Guest Post: Sayde Scarlett Talks Proactive Versus Reactive Characters

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This week, I have a very special treat for you guys! Sayde Scarlett stopped by Booked J to chat about a topic I rarely see explored in the book community, but one that I'm ecstatic to share with you guys. Special thanks for Sayde for agreeing to be a guest poster here--without further ado, let's get down to business!

We have become accustom in recent years to consuming fiction wherein the protagonist has no flaws. The character’s life is progressing normally but then has to change because of some external event or existential threat from a big bad. This is what is known as a reactive protagonist. They’re often “everyman” type characters the audience can easily put themselves into or the author intentionally wants the audience to experience the events of the story as though they are there themselves.

With the run away success of book’s like The Hunger Games, Ready Player One, Twilight, the Harry Potter series and Fifty Shades of Grey, whose protagonists all fit this mould, it’s hard not to draw the conclusion that this is what the market wants. Literature is a powerful vehicle for escapism after all. But that’s not all it can be. It is important to remember, however, that this is a fairly new trend in storytelling and it has downsides despite being enjoyable.

The main negative of using this type of character is that it can make the character very bland. There is something that strikes me as little lazy about not giving your character flaws. This is also the type character that is used in wish fulfillment literature. Romance novels use this type of character deliberately so the reader can easily project themselves onto the protagonist. Unlike other forms of literature, Romance doesn’t pretend to be anything else.

Tragedy in the classical sense of the word means a story wherein the protagonist has a fatal flaw or hubris, a defiance of the Gods or the natural order of things, that will inevitably lead to their downfall. The impetus for the story and the character’s journey is proactive in the sense that the story would have never started without the internal failings of the character. The drama and conflict of the story depend on the choices the protagonist makes and acts as a cautionary tale for the audience.

This is what storytelling used to look like. Proactive protagonists that served as a warning rather than reactive protagonists that serve as fantasy. If we forgo stories that include flawed characters we’re excluding fiction that challenges us. Literature can’t just be about fantasy, escapism and wish fulfillment. There has to be room for tragedy as well as dramas and comedies. I would love to live in a world where everyone always gets what they deserve; the good getting happy endings and the bad getting their just deserts.

As an author I like to give my characters rewards for personal growth. But those who refuse to change and grow, even if they’re the good guys, must suffer the consequences of their actions too. That’s the difference between writing a tragedy and writing a drama.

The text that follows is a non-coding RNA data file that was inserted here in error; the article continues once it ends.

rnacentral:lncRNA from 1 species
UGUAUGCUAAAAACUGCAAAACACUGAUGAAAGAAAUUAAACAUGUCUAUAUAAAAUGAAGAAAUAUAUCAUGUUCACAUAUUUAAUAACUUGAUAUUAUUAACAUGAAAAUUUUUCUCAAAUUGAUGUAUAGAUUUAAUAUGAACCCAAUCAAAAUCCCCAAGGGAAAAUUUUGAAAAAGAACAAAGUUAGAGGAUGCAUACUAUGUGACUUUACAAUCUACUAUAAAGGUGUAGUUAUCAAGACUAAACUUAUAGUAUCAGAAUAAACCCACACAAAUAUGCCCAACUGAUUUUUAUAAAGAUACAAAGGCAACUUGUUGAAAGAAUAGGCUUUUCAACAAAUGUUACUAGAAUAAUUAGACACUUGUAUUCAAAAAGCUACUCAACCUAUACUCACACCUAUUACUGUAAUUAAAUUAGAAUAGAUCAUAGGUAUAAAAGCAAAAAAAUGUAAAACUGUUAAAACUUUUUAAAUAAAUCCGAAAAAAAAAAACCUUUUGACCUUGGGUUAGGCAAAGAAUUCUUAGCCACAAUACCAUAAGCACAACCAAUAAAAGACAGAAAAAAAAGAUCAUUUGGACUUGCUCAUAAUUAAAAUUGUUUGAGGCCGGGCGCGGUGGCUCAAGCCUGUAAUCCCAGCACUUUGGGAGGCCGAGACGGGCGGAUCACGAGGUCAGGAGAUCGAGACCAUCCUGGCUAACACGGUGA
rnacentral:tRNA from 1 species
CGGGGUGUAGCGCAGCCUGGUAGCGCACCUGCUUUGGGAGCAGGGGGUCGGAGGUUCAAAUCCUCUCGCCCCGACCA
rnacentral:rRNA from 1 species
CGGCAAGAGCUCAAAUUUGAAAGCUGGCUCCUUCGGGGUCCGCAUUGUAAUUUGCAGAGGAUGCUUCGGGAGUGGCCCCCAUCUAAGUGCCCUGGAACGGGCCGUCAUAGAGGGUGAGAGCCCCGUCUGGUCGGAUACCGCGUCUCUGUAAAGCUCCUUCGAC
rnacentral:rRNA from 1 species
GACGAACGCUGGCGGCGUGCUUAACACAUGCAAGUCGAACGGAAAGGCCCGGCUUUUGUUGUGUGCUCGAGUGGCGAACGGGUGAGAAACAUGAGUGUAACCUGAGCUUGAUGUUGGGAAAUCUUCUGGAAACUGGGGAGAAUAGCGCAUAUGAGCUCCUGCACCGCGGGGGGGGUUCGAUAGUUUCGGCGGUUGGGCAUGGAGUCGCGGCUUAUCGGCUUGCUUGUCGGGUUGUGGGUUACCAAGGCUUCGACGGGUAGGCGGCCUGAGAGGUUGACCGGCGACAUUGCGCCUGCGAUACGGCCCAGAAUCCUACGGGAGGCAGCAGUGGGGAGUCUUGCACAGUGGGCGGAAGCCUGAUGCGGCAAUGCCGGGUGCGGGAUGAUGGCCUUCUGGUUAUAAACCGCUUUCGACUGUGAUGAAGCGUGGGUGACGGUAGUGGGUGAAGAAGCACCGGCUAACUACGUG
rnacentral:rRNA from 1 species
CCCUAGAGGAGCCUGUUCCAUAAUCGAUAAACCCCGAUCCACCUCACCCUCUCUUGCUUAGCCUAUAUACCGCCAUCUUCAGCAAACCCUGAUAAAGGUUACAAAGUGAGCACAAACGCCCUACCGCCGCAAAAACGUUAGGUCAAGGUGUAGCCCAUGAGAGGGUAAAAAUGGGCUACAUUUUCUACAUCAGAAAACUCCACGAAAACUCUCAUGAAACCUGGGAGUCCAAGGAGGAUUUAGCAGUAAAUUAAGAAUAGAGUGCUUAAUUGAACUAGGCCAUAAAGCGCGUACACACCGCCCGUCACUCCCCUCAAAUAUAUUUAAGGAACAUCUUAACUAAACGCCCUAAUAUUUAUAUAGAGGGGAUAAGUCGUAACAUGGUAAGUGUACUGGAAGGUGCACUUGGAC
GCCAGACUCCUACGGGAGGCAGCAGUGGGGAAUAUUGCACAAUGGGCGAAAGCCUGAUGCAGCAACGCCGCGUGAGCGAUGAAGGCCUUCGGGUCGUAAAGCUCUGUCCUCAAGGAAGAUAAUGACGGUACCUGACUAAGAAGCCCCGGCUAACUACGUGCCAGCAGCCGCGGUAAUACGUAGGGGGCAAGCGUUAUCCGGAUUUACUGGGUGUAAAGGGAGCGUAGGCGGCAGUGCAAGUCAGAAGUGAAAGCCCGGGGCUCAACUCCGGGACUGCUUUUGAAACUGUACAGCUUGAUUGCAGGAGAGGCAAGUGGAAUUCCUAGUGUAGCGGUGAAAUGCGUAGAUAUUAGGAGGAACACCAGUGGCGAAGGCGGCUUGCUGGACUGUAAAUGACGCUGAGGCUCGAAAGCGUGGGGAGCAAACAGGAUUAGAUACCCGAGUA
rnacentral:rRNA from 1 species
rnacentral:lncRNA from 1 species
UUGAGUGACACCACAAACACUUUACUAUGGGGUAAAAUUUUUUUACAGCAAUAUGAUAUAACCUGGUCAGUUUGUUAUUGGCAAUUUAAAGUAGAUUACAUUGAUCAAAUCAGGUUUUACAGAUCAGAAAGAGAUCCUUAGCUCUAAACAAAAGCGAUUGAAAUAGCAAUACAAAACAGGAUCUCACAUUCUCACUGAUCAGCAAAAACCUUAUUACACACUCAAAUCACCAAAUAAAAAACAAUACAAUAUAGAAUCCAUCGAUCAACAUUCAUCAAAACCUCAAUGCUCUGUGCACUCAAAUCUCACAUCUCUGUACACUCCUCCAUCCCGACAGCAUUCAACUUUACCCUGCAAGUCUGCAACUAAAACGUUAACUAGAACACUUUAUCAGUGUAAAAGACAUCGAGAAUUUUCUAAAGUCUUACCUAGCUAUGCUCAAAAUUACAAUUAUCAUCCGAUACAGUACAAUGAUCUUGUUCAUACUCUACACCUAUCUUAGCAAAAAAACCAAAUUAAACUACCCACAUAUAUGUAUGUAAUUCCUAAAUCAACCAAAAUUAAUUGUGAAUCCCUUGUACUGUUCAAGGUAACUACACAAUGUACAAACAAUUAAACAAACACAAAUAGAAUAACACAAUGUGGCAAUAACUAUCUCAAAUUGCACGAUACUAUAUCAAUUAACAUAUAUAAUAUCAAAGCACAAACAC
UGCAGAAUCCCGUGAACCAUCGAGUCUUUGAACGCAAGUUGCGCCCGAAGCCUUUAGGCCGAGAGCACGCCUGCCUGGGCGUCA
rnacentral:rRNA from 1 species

Sayde Scarlett is an author and poet.

Sayde was born in Dubai, United Arab Emirates but relocated to the United Kingdom to read Politics and International Relations at Royal Holloway, University of London.

After university, Sayde worked in the performing arts sector alongside being a political and antiwar activist. In 2014, Sayde produced the critically acclaimed comedy theatre show Improv Noir.

Sayde now works as a financial crime investigator. In 2017, Sayde published her debut collection of poetry, Love Crimes.

Sayde's debut novel, Clouds and Earth, is now available online.

Clouds and Earth (The Peace Outside, #1) 

The Long War changed everything. For Lt. First Class Sandy Attiyeh, the peace she helped create seems to be working for everyone but her. This new world is so…well, so dull.

With her commanding officer keeping her at arm’s length, citing her rather unpredictable temperament, Sandy is willing prey for Lyndon Hamilton, CEO of Hamilton InfoSec, who needs someone to engage in a little corporate espionage. He offers good pay, interesting work, and excitement. Perfect.

But when Sandy’s face starts to show up on activists’ pamphlets, and rumours begin to circle regarding her alleged war crimes, any hopes she had of a future in the civilian world begin to unravel. Unable to escape Hamilton’s twisted ambitions, Sandy, caught between her old comrades and her new employer, must find a way to save the peace she gave everything for.

Clouds and Earth is the first installment in The Peace Outside trilogy and is a dark and thrilling tale of intrigue and espionage set in the data-driven world of tomorrow. Startling and prescient in equal measure, it is a must-read for fans of sci-fi and contemporary fiction alike.

Love Crimes is the red-blooded debut collection of romantic poetry from Sayde Scarlett. From passion and lust to heartache and abandonment, she takes the readers on a discovery of the darker sides of romantic love and human nature. This is poetry that is not afraid to explore human fallibility but never loses hope. With extraordinary range and power, the poems assemble into a contemplation of love, war, and the human condition. 

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